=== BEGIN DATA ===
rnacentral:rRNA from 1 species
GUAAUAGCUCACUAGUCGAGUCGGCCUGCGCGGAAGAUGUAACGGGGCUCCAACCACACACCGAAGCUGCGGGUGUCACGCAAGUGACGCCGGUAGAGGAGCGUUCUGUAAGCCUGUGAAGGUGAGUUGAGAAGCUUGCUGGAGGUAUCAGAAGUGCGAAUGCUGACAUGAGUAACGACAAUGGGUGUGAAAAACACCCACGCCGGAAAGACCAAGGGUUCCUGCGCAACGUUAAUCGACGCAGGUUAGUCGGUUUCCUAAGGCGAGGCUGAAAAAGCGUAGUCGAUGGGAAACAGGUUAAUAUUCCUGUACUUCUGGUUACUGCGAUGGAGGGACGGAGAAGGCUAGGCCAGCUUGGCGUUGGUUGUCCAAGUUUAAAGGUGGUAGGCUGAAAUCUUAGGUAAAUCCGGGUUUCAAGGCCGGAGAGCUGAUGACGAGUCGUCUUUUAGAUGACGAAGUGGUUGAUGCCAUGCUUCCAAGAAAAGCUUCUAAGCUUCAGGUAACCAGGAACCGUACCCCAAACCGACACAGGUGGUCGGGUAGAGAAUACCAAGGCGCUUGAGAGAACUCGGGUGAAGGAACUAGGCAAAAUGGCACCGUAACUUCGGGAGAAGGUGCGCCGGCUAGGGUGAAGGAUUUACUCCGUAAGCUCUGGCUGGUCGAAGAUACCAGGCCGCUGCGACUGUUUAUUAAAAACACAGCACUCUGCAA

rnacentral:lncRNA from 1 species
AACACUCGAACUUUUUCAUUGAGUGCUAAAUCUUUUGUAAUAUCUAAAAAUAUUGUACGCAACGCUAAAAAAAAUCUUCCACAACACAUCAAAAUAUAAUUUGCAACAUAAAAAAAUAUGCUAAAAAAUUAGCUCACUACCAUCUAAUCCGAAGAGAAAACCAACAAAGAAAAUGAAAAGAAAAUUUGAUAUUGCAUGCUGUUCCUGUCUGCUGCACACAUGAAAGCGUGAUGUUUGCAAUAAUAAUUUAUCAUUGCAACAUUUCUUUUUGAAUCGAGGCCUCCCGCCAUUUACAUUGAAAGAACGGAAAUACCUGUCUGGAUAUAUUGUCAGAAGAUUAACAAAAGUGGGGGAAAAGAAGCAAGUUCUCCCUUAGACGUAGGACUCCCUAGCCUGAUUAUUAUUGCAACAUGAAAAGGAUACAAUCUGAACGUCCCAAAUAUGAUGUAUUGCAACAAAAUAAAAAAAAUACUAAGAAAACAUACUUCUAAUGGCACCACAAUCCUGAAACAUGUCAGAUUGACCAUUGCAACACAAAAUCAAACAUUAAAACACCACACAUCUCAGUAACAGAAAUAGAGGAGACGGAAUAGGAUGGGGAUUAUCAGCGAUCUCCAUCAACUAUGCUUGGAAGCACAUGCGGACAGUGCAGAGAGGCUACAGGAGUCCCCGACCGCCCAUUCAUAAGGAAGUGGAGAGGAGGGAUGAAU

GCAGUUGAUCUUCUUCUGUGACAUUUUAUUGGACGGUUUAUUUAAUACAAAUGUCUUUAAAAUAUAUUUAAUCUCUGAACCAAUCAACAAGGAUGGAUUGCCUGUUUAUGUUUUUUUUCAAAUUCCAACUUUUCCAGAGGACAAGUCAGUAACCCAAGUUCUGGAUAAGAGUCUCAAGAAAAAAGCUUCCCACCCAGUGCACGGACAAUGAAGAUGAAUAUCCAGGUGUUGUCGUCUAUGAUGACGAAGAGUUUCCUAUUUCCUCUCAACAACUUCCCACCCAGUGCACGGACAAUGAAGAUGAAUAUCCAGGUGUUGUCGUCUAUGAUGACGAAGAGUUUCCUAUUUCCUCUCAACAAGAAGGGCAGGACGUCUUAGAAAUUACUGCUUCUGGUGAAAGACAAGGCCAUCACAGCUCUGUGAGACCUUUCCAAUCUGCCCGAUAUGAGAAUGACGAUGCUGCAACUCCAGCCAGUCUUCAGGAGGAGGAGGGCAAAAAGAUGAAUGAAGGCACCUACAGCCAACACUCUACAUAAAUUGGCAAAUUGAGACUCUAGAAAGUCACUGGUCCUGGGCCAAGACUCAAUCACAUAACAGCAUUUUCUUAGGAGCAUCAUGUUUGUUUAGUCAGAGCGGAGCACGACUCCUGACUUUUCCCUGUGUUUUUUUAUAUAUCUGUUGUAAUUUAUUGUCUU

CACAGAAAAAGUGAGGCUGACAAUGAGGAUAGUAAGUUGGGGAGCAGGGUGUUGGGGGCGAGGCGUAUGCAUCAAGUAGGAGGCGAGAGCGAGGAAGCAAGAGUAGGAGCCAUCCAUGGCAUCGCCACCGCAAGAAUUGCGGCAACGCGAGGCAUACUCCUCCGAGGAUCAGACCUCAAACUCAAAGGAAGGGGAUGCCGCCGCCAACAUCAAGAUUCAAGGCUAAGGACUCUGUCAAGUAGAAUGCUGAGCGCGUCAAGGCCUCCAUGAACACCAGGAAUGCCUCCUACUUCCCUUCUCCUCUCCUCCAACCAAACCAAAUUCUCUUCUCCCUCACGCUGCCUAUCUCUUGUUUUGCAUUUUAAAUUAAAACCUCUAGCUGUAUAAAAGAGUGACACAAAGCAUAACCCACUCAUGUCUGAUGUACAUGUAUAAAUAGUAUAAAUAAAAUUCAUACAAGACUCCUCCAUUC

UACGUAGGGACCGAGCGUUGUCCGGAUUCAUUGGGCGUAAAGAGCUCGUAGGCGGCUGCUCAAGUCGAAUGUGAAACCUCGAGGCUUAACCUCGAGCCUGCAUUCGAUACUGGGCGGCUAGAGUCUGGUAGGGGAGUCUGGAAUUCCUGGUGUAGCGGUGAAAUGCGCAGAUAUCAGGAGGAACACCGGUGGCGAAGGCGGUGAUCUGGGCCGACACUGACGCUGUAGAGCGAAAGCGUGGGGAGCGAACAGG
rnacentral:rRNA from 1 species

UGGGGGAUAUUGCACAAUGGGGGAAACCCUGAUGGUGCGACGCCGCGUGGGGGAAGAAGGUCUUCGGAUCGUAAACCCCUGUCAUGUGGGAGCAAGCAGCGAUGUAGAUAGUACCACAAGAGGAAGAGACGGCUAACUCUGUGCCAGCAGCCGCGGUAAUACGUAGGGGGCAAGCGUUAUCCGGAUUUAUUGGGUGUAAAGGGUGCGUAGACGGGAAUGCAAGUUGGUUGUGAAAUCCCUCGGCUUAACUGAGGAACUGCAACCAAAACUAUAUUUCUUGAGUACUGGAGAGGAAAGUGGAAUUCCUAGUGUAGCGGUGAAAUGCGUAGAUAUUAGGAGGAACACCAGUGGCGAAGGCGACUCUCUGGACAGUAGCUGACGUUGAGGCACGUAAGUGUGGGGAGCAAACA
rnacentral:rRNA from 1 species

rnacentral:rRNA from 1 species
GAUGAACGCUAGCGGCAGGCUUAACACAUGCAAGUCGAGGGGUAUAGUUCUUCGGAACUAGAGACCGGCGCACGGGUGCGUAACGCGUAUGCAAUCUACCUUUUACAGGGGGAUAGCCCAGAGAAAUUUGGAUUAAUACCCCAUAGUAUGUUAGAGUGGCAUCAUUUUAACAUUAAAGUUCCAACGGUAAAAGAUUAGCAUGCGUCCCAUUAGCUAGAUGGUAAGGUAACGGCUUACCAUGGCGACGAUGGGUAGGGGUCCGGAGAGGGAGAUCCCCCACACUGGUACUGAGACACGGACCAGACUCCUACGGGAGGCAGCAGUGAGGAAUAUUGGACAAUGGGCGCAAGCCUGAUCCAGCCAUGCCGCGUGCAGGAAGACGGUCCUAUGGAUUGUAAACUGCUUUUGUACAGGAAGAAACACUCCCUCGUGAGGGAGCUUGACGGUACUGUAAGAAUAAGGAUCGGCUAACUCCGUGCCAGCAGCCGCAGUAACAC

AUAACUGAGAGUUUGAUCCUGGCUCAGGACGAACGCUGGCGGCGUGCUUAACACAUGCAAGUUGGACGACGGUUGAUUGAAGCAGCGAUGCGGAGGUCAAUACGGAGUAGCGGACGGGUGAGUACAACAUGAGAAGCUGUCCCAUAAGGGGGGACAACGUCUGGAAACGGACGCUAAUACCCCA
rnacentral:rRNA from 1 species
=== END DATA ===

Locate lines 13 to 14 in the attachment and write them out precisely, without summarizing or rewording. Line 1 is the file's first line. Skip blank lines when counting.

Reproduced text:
AUAACUGAGAGUUUGAUCCUGGCUCAGGACGAACGCUGGCGGCGUGCUUAACACAUGCAAGUUGGACGACGGUUGAUUGAAGCAGCGAUGCGGAGGUCAAUACGGAGUAGCGGACGGGUGAGUACAACAUGAGAAGCUGUCCCAUAAGGGGGGACAACGUCUGGAAACGGACGCUAAUACCCCA
rnacentral:rRNA from 1 species